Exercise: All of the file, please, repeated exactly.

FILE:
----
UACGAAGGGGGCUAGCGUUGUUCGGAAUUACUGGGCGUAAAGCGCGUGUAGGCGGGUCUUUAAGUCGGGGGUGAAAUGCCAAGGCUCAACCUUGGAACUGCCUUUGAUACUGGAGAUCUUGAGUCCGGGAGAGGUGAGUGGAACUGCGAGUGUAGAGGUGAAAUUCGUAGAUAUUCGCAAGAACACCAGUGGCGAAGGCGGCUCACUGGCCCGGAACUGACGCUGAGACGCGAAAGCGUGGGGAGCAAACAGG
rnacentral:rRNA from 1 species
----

UACGAAGGGGGCUAGCGUUGUUCGGAAUUACUGGGCGUAAAGCGCGUGUAGGCGGGUCUUUAAGUCGGGGGUGAAAUGCCAAGGCUCAACCUUGGAACUGCCUUUGAUACUGGAGAUCUUGAGUCCGGGAGAGGUGAGUGGAACUGCGAGUGUAGAGGUGAAAUUCGUAGAUAUUCGCAAGAACACCAGUGGCGAAGGCGGCUCACUGGCCCGGAACUGACGCUGAGACGCGAAAGCGUGGGGAGCAAACAGG
rnacentral:rRNA from 1 species